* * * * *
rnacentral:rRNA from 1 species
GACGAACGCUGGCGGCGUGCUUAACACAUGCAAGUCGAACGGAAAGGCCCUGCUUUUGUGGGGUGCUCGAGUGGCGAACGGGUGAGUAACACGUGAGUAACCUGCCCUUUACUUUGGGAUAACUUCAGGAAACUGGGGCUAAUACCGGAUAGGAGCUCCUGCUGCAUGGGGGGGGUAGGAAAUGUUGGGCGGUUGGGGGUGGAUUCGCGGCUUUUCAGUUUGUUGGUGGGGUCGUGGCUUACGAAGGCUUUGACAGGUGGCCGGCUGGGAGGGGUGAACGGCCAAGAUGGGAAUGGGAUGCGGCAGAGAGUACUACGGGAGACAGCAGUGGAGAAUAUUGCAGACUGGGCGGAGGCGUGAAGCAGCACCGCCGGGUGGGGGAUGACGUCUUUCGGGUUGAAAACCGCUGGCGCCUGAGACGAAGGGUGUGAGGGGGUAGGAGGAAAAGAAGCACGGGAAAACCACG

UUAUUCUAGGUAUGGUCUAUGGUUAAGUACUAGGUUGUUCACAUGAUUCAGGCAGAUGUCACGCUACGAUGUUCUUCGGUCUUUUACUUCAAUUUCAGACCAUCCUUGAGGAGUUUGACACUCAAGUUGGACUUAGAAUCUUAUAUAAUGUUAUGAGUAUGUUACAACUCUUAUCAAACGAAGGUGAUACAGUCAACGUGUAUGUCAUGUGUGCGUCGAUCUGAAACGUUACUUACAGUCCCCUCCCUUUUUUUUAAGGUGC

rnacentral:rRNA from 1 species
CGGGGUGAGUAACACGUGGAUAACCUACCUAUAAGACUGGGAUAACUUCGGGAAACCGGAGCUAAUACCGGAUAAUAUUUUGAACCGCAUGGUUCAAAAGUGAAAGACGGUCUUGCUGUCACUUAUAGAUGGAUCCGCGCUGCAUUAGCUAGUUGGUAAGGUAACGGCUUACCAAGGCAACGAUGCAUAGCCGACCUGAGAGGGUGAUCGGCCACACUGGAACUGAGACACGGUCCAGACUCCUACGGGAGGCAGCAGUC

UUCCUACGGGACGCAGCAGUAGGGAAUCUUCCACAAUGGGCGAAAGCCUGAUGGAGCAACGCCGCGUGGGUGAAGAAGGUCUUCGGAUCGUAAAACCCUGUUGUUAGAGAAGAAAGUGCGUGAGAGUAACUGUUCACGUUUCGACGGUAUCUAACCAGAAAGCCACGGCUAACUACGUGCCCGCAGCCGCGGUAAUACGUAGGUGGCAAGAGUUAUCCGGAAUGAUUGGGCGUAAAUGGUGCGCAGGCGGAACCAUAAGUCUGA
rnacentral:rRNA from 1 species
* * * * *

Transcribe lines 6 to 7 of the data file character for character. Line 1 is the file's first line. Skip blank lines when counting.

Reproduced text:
UUCCUACGGGACGCAGCAGUAGGGAAUCUUCCACAAUGGGCGAAAGCCUGAUGGAGCAACGCCGCGUGGGUGAAGAAGGUCUUCGGAUCGUAAAACCCUGUUGUUAGAGAAGAAAGUGCGUGAGAGUAACUGUUCACGUUUCGACGGUAUCUAACCAGAAAGCCACGGCUAACUACGUGCCCGCAGCCGCGGUAAUACGUAGGUGGCAAGAGUUAUCCGGAAUGAUUGGGCGUAAAUGGUGCGCAGGCGGAACCAUAAGUCUGA
rnacentral:rRNA from 1 species